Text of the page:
100 Years of Jump-cuts and Fade-outs
This is a bit of a mixed bag. It's a great introduction for those who assume Indian cinema has little to offer other than item numbers, people running around trees and scripts full of holes
This is a bit of a mixed bag. It's a great introduction for those who assume Indian cinema has little to offer other than item numbers, people running around trees and scripts full of holes. For readers who fall into that category, Shoma A Chatterji is more than qualified to connect the dots and come up with an introduction that puts today’s industry as a whole into perspective.
A still from the film, Raja Harishchandra, India' first full-length feature film
For those who have a fair idea of what’s been happening on the big screen over the past couple of decades though — a huge number, obviously, considering our continuing obsession with Hindi film stars — this may not be more than a vaguely interesting primer about how the industry has grown since its first full-length feature film (Raja Harishchandra) in 1913.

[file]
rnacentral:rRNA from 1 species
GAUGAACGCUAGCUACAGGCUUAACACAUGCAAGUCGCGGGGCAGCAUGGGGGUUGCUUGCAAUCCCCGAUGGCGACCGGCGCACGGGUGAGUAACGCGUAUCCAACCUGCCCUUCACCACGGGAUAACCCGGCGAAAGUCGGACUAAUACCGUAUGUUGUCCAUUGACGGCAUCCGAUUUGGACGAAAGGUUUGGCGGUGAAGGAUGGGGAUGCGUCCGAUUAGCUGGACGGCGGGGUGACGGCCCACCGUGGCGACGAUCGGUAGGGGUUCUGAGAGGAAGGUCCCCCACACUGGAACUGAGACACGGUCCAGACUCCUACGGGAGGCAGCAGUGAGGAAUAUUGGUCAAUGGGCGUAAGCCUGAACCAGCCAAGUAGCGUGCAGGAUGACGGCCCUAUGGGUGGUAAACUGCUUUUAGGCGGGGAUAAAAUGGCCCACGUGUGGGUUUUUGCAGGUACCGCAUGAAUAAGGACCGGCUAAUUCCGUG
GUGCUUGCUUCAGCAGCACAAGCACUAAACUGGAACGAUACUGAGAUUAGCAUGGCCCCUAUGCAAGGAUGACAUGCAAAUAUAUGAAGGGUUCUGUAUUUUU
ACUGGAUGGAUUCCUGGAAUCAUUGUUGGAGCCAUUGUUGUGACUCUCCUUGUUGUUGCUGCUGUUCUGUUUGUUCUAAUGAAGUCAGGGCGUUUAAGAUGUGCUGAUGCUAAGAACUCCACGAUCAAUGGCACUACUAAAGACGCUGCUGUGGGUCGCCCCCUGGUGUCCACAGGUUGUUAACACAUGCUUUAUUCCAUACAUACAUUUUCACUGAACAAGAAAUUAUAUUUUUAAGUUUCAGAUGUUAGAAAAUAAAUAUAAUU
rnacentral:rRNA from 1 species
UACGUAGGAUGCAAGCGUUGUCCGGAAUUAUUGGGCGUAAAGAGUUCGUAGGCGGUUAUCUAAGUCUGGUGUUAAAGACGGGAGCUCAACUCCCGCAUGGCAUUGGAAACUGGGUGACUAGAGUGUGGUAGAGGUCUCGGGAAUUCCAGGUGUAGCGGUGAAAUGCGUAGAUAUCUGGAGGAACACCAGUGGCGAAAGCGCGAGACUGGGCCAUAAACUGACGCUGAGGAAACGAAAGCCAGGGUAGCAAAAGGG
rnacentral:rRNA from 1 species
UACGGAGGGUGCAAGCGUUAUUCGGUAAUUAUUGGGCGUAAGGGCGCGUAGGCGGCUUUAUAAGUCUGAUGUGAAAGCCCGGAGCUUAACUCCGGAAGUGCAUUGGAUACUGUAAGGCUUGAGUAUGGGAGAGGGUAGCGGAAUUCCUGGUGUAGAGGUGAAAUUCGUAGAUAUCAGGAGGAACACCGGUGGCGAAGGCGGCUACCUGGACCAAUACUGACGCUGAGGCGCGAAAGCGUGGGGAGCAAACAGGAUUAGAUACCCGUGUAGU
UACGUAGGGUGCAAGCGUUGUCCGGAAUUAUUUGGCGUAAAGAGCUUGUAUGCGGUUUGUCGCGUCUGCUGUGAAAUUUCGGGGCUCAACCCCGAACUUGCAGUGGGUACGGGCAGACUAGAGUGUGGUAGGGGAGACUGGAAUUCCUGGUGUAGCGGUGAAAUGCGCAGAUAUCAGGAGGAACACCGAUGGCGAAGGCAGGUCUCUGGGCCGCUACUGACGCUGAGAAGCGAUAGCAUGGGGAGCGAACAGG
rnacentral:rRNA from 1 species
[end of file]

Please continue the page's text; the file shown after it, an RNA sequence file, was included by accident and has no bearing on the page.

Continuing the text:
There is some attention paid to lesser-known films and filmmakers, of course, but it often comes across as cursory.
The notion of using film theory to understand the medium’s relationship with our reality isn’t as prevalent as it ought to be, which explains why our cinema continues to be looked at as entertainment and little else. It also explains why the term ‘parallel cinema’ exists.
Much more needs to be done to understand why it has evolved the way it has, why it shies away from certain subjects or underplays its inherent sexism. Until serious scholars tackle those subjects, one must make do with efforts like this, where Chatterji, at least, does us the favour of describing how the item number evolved.
100 Years of Jump-cuts and Fade-outs: Tracking Change in Indian Cinema, Shoma A Chatterji, Rupa, Rs 395. Available at leading bookstores.